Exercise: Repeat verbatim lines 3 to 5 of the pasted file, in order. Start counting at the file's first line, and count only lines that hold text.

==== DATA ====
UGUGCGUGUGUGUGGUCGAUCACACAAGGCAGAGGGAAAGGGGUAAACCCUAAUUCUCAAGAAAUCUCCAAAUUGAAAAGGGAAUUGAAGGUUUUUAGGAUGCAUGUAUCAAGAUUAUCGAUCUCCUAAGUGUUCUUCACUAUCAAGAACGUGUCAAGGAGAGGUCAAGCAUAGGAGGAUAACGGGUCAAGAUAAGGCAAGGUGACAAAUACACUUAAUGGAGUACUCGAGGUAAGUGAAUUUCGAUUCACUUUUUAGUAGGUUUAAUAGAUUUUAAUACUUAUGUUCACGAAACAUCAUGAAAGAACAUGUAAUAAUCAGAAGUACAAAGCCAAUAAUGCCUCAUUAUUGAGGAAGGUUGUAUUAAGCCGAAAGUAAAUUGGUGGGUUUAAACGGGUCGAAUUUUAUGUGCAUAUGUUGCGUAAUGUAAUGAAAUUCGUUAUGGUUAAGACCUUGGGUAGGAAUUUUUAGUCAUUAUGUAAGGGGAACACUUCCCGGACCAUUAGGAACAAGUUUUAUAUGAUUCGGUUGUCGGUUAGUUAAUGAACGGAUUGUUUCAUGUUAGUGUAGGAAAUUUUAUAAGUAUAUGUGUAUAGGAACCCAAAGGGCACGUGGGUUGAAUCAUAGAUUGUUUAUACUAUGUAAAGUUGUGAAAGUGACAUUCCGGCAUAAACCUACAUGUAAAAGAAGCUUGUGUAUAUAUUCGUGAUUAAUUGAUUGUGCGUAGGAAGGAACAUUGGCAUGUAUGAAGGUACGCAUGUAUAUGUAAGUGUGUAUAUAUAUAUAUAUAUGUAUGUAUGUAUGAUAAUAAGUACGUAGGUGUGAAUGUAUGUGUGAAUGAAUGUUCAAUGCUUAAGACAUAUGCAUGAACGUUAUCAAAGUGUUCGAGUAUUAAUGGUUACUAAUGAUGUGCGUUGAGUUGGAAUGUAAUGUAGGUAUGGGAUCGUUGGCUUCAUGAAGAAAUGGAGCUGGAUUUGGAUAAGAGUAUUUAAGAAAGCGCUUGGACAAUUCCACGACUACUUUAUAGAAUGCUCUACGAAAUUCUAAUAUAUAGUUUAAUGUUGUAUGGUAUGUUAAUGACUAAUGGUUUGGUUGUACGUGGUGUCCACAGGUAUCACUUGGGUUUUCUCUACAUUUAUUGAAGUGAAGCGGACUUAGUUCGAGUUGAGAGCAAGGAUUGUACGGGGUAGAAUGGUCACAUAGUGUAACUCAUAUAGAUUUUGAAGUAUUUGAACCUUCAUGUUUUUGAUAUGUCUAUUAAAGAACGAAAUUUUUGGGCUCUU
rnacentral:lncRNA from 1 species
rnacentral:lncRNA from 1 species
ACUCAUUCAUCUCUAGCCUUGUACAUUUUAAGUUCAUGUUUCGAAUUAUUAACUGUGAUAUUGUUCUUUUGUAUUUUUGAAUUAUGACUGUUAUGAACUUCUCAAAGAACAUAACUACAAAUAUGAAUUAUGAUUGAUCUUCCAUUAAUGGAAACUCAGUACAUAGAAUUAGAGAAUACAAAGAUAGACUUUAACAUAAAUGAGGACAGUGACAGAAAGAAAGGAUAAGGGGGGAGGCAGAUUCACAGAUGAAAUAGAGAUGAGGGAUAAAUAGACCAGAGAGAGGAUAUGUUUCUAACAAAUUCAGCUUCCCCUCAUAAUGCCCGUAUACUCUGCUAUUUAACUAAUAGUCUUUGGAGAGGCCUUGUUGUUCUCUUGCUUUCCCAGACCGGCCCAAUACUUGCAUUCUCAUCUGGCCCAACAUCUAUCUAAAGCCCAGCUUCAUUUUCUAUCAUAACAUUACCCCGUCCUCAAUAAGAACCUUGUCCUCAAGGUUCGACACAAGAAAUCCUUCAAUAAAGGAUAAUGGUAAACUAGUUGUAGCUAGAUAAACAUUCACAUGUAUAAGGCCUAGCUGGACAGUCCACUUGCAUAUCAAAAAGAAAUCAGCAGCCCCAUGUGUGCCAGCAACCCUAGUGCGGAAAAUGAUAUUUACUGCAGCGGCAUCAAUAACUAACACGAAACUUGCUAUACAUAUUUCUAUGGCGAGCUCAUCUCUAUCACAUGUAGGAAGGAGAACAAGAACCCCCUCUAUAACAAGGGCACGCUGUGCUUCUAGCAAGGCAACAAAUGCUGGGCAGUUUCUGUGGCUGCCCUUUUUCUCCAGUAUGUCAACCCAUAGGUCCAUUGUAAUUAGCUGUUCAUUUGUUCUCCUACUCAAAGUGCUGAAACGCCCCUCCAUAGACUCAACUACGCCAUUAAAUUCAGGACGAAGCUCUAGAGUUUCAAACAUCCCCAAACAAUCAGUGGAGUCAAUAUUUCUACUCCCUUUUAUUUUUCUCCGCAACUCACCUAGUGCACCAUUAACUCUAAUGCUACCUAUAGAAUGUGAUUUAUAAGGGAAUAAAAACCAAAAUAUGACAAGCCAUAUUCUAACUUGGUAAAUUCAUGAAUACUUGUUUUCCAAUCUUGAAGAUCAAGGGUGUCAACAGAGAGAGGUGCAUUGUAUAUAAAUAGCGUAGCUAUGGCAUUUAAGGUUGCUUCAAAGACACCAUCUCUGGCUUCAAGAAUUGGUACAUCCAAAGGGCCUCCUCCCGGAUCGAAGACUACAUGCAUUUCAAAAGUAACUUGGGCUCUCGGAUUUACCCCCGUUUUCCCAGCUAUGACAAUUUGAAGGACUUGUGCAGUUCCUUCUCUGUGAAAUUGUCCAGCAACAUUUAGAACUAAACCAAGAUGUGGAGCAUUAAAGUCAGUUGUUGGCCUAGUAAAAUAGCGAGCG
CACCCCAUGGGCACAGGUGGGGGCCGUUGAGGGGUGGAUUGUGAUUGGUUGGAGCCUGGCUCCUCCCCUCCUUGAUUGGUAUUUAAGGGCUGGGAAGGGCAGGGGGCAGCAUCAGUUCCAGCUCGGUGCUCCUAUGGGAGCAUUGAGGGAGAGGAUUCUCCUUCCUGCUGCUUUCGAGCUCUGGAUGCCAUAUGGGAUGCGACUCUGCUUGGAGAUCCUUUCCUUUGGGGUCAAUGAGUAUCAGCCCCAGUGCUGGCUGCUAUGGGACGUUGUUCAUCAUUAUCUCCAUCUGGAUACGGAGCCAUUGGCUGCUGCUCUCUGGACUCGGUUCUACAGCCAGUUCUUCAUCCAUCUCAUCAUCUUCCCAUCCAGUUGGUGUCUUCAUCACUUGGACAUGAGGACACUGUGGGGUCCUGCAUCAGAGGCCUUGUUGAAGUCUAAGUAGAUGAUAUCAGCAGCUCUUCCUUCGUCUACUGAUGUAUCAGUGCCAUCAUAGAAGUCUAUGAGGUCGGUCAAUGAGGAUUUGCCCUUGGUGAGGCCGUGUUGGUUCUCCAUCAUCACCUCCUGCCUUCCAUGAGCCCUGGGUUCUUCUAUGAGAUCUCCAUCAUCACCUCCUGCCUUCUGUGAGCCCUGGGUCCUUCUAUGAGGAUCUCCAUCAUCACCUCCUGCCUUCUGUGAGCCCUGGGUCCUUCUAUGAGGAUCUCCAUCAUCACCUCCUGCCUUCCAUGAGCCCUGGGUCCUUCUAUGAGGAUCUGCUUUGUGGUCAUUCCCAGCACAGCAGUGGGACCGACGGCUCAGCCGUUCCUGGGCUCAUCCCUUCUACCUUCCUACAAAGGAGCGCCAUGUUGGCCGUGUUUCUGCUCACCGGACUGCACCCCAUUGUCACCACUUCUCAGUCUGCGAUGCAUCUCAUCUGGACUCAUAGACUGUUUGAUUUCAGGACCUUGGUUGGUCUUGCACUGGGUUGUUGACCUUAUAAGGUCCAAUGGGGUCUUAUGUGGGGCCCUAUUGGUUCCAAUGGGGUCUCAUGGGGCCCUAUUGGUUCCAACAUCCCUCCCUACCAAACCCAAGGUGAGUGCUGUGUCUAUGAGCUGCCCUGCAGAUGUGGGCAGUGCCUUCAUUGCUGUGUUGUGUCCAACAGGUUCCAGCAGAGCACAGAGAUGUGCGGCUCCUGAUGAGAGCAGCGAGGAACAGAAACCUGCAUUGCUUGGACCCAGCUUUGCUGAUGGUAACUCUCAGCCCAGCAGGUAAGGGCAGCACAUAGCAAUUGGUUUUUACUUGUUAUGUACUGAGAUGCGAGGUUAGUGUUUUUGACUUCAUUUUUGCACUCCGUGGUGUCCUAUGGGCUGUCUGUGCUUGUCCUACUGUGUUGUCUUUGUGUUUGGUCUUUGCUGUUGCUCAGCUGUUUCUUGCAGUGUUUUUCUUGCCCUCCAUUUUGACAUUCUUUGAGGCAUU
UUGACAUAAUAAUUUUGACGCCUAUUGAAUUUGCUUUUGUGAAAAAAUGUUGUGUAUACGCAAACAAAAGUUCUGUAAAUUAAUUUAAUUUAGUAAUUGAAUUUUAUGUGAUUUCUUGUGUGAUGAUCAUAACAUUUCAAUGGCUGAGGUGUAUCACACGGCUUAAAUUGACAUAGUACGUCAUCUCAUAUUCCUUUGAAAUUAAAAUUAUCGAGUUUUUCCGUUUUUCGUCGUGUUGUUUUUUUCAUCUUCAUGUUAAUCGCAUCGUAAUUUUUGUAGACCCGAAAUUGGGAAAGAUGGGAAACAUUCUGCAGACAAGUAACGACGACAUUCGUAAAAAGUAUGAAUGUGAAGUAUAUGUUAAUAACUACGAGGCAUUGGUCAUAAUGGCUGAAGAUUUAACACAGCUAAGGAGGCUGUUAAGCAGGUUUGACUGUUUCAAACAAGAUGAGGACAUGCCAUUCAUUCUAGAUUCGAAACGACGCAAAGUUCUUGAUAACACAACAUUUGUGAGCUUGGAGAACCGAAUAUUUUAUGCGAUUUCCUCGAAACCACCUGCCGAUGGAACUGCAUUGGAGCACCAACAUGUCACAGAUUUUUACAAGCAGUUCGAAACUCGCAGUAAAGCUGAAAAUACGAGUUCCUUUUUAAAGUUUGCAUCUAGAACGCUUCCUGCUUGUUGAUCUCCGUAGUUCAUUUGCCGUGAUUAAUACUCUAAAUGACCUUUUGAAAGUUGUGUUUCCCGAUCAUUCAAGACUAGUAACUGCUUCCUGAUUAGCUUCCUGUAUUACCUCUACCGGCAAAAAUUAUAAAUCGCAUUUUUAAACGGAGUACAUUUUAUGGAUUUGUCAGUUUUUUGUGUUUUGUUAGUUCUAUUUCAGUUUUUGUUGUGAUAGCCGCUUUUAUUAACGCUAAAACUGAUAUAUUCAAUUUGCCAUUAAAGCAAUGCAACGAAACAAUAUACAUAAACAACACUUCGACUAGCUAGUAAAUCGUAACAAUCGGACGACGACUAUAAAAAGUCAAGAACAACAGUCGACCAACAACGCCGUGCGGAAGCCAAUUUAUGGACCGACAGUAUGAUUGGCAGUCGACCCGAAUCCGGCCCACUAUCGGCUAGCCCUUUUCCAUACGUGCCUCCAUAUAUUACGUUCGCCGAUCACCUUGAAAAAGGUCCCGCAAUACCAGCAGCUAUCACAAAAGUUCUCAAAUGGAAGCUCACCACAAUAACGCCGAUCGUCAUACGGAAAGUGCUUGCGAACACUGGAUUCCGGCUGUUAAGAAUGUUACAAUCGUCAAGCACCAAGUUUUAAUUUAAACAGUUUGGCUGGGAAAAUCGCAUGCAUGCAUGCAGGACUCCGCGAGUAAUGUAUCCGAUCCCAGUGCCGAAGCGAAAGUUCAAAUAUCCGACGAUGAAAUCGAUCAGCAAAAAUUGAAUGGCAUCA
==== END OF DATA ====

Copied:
rnacentral:lncRNA from 1 species
ACUCAUUCAUCUCUAGCCUUGUACAUUUUAAGUUCAUGUUUCGAAUUAUUAACUGUGAUAUUGUUCUUUUGUAUUUUUGAAUUAUGACUGUUAUGAACUUCUCAAAGAACAUAACUACAAAUAUGAAUUAUGAUUGAUCUUCCAUUAAUGGAAACUCAGUACAUAGAAUUAGAGAAUACAAAGAUAGACUUUAACAUAAAUGAGGACAGUGACAGAAAGAAAGGAUAAGGGGGGAGGCAGAUUCACAGAUGAAAUAGAGAUGAGGGAUAAAUAGACCAGAGAGAGGAUAUGUUUCUAACAAAUUCAGCUUCCCCUCAUAAUGCCCGUAUACUCUGCUAUUUAACUAAUAGUCUUUGGAGAGGCCUUGUUGUUCUCUUGCUUUCCCAGACCGGCCCAAUACUUGCAUUCUCAUCUGGCCCAACAUCUAUCUAAAGCCCAGCUUCAUUUUCUAUCAUAACAUUACCCCGUCCUCAAUAAGAACCUUGUCCUCAAGGUUCGACACAAGAAAUCCUUCAAUAAAGGAUAAUGGUAAACUAGUUGUAGCUAGAUAAACAUUCACAUGUAUAAGGCCUAGCUGGACAGUCCACUUGCAUAUCAAAAAGAAAUCAGCAGCCCCAUGUGUGCCAGCAACCCUAGUGCGGAAAAUGAUAUUUACUGCAGCGGCAUCAAUAACUAACACGAAACUUGCUAUACAUAUUUCUAUGGCGAGCUCAUCUCUAUCACAUGUAGGAAGGAGAACAAGAACCCCCUCUAUAACAAGGGCACGCUGUGCUUCUAGCAAGGCAACAAAUGCUGGGCAGUUUCUGUGGCUGCCCUUUUUCUCCAGUAUGUCAACCCAUAGGUCCAUUGUAAUUAGCUGUUCAUUUGUUCUCCUACUCAAAGUGCUGAAACGCCCCUCCAUAGACUCAACUACGCCAUUAAAUUCAGGACGAAGCUCUAGAGUUUCAAACAUCCCCAAACAAUCAGUGGAGUCAAUAUUUCUACUCCCUUUUAUUUUUCUCCGCAACUCACCUAGUGCACCAUUAACUCUAAUGCUACCUAUAGAAUGUGAUUUAUAAGGGAAUAAAAACCAAAAUAUGACAAGCCAUAUUCUAACUUGGUAAAUUCAUGAAUACUUGUUUUCCAAUCUUGAAGAUCAAGGGUGUCAACAGAGAGAGGUGCAUUGUAUAUAAAUAGCGUAGCUAUGGCAUUUAAGGUUGCUUCAAAGACACCAUCUCUGGCUUCAAGAAUUGGUACAUCCAAAGGGCCUCCUCCCGGAUCGAAGACUACAUGCAUUUCAAAAGUAACUUGGGCUCUCGGAUUUACCCCCGUUUUCCCAGCUAUGACAAUUUGAAGGACUUGUGCAGUUCCUUCUCUGUGAAAUUGUCCAGCAACAUUUAGAACUAAACCAAGAUGUGGAGCAUUAAAGUCAGUUGUUGGCCUAGUAAAAUAGCGAGCG
CACCCCAUGGGCACAGGUGGGGGCCGUUGAGGGGUGGAUUGUGAUUGGUUGGAGCCUGGCUCCUCCCCUCCUUGAUUGGUAUUUAAGGGCUGGGAAGGGCAGGGGGCAGCAUCAGUUCCAGCUCGGUGCUCCUAUGGGAGCAUUGAGGGAGAGGAUUCUCCUUCCUGCUGCUUUCGAGCUCUGGAUGCCAUAUGGGAUGCGACUCUGCUUGGAGAUCCUUUCCUUUGGGGUCAAUGAGUAUCAGCCCCAGUGCUGGCUGCUAUGGGACGUUGUUCAUCAUUAUCUCCAUCUGGAUACGGAGCCAUUGGCUGCUGCUCUCUGGACUCGGUUCUACAGCCAGUUCUUCAUCCAUCUCAUCAUCUUCCCAUCCAGUUGGUGUCUUCAUCACUUGGACAUGAGGACACUGUGGGGUCCUGCAUCAGAGGCCUUGUUGAAGUCUAAGUAGAUGAUAUCAGCAGCUCUUCCUUCGUCUACUGAUGUAUCAGUGCCAUCAUAGAAGUCUAUGAGGUCGGUCAAUGAGGAUUUGCCCUUGGUGAGGCCGUGUUGGUUCUCCAUCAUCACCUCCUGCCUUCCAUGAGCCCUGGGUUCUUCUAUGAGAUCUCCAUCAUCACCUCCUGCCUUCUGUGAGCCCUGGGUCCUUCUAUGAGGAUCUCCAUCAUCACCUCCUGCCUUCUGUGAGCCCUGGGUCCUUCUAUGAGGAUCUCCAUCAUCACCUCCUGCCUUCCAUGAGCCCUGGGUCCUUCUAUGAGGAUCUGCUUUGUGGUCAUUCCCAGCACAGCAGUGGGACCGACGGCUCAGCCGUUCCUGGGCUCAUCCCUUCUACCUUCCUACAAAGGAGCGCCAUGUUGGCCGUGUUUCUGCUCACCGGACUGCACCCCAUUGUCACCACUUCUCAGUCUGCGAUGCAUCUCAUCUGGACUCAUAGACUGUUUGAUUUCAGGACCUUGGUUGGUCUUGCACUGGGUUGUUGACCUUAUAAGGUCCAAUGGGGUCUUAUGUGGGGCCCUAUUGGUUCCAAUGGGGUCUCAUGGGGCCCUAUUGGUUCCAACAUCCCUCCCUACCAAACCCAAGGUGAGUGCUGUGUCUAUGAGCUGCCCUGCAGAUGUGGGCAGUGCCUUCAUUGCUGUGUUGUGUCCAACAGGUUCCAGCAGAGCACAGAGAUGUGCGGCUCCUGAUGAGAGCAGCGAGGAACAGAAACCUGCAUUGCUUGGACCCAGCUUUGCUGAUGGUAACUCUCAGCCCAGCAGGUAAGGGCAGCACAUAGCAAUUGGUUUUUACUUGUUAUGUACUGAGAUGCGAGGUUAGUGUUUUUGACUUCAUUUUUGCACUCCGUGGUGUCCUAUGGGCUGUCUGUGCUUGUCCUACUGUGUUGUCUUUGUGUUUGGUCUUUGCUGUUGCUCAGCUGUUUCUUGCAGUGUUUUUCUUGCCCUCCAUUUUGACAUUCUUUGAGGCAUU